Features December 2021
For Queen & country
On “Masterpieces from Buckingham Palace” at the Queen’s Gallery, London.
Somewhere in the history of Buckingham Palace, there lies discarded a little-known counterfactual in which I, your writer, can declare a personal interest. My husband’s direct ancestor Catherine Darnley (1681–1743) was once married to John Sheffield, the Duke of Buckingham (1648–1721) and the original owner of Buckingham House, which later became Buckingham Palace. It was her second marriage. Her first had been to the Earl of Anglesey, whose death she marked with the commission of a singular portrait of herself, which still hangs over our fireplace. She wears widows’ weeds and points at the earth where, we are to understand, the earl now resides, and there is written over her head the rhyming couplet: “Puis que le Comte d’Anglesey mourut sans remords/ J’avoue que mon deuil n’est qu’en dehors” (“since the Earl of Anglesey died without remorse, I confess that my mourning is only on the outside”). She had separated from him for cruelty some years earlier, a feat requiring an Act of Parliament. She later enlarged the painting, bolting on a view of Buckingham House, then the most splendid private residence in London. The reason for this was that the duke had died, and so had the sons she bore him; she spent much of her remaining life pursuing a ruinous legal case to maintain her rights to Buckingham House against the rival claimant, Sir Charles Herbert, the duke’s illegitimate son. She lost. If she’d won, the house might never have become a royal palace, and I would not be writing about the show of masterpieces currently on display in its purpose-built exhibition space, the Queen’s Gallery.1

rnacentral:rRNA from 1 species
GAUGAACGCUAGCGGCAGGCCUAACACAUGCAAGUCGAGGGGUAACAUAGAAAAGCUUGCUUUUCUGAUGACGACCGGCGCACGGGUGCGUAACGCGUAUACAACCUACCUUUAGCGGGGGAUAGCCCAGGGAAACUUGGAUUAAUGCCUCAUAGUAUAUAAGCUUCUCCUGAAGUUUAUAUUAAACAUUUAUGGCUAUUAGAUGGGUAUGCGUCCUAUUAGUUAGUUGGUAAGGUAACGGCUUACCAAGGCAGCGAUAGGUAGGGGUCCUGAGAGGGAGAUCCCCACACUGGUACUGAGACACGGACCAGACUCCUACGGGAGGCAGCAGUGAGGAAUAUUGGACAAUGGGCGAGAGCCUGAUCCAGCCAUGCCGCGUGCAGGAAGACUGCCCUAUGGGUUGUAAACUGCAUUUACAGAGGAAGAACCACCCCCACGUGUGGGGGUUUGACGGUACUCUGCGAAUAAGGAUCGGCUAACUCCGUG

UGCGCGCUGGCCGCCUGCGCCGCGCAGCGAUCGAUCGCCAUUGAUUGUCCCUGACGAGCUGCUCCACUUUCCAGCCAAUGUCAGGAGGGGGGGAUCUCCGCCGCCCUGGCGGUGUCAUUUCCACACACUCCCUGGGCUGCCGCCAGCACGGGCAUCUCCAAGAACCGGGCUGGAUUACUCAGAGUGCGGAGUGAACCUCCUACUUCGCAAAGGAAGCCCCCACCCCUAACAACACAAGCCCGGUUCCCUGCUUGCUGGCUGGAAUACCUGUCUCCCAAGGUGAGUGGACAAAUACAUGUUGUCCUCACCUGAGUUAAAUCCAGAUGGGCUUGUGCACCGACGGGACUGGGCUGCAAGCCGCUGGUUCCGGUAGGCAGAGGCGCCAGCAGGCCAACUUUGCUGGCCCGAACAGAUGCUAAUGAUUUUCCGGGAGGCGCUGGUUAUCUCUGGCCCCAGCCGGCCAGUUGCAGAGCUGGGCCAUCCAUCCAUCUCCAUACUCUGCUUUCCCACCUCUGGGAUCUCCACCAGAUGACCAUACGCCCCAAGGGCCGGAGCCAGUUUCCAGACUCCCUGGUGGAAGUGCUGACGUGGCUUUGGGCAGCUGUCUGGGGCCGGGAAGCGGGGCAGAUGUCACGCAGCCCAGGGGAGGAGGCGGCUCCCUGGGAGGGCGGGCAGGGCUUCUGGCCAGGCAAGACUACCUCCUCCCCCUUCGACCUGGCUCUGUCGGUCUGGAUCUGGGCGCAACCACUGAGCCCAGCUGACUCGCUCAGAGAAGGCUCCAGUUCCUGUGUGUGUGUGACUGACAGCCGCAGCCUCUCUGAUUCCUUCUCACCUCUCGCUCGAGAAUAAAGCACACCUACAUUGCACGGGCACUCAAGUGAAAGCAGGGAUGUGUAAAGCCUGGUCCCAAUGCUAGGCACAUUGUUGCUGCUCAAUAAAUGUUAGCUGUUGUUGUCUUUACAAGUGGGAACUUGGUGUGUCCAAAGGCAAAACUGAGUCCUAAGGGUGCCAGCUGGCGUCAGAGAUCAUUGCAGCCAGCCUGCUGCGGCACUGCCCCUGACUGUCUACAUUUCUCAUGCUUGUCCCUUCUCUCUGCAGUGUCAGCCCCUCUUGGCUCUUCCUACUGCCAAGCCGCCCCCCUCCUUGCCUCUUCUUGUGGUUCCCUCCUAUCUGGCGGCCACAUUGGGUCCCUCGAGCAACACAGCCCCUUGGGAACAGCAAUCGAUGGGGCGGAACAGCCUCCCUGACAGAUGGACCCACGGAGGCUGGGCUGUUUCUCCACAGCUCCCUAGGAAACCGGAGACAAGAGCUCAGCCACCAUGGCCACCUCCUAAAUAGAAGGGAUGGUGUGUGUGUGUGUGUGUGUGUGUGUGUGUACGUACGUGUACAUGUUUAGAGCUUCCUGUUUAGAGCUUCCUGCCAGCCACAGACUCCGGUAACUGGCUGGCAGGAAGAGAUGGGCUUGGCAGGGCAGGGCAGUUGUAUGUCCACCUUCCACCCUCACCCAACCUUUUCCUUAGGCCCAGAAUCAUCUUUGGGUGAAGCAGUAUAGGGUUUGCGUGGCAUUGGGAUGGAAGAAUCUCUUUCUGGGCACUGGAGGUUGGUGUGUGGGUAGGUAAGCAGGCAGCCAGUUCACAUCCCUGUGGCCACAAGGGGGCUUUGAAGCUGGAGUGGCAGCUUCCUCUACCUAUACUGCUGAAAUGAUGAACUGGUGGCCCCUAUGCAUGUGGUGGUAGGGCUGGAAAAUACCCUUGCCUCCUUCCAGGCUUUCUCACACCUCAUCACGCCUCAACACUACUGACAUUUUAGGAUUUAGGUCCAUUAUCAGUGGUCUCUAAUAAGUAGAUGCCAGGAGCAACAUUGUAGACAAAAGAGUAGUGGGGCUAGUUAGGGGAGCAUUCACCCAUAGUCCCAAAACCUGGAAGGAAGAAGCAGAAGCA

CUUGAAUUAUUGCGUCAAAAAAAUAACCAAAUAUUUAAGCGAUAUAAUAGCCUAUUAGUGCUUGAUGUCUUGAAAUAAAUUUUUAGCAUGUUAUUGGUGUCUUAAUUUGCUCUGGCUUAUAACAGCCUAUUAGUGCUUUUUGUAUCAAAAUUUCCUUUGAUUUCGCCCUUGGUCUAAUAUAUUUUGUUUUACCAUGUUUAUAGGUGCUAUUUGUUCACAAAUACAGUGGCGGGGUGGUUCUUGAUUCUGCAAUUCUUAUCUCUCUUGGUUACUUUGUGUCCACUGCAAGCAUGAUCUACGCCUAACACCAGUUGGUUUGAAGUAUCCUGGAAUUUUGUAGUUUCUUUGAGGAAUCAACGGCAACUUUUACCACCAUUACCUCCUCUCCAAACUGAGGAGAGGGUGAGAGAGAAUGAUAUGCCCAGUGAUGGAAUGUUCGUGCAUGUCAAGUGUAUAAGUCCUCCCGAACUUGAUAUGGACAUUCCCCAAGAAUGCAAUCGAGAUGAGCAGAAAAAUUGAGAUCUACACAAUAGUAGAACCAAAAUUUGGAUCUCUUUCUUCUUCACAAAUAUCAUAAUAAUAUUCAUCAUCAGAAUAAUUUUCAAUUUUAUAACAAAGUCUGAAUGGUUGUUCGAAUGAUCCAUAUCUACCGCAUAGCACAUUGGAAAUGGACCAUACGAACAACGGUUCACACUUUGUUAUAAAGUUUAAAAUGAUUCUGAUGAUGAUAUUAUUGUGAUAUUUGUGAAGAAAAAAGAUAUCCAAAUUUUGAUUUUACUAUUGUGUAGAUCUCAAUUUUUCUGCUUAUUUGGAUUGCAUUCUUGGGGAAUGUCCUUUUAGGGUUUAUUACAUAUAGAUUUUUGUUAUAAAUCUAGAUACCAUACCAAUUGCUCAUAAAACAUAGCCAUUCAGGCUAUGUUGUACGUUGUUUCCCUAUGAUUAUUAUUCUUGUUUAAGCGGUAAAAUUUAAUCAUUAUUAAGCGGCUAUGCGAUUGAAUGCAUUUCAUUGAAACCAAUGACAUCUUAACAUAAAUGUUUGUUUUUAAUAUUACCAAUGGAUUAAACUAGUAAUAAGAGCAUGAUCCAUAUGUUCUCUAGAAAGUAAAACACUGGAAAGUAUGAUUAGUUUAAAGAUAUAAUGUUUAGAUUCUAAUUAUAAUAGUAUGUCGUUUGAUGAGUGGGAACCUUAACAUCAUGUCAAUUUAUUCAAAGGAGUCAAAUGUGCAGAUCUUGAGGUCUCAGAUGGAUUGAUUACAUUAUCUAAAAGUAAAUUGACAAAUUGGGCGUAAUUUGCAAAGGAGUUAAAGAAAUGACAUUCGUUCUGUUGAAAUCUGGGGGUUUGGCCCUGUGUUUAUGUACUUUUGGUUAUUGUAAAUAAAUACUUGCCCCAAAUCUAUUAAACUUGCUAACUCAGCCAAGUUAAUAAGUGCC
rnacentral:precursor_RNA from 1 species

The duchess’s Buckingham House was a thing of infinitely greater beauty than the dull and pompous Portland stone block at the end of the Mall today, where the soldiers change the guard. It was built of rosy-red brick, had murals of Diana and Actaeon by Louis Laguerre in its elegant double staircase, and stood between two pavilions connected by a curving colonnade to the central house. One of them was a library pavilion, in which the books were so clearly marked that “even an Irish footman” could fetch what the duke required. When the duchess died, Herbert sold the building to King George III, who wanted it as a house for his wife, Queen Charlotte.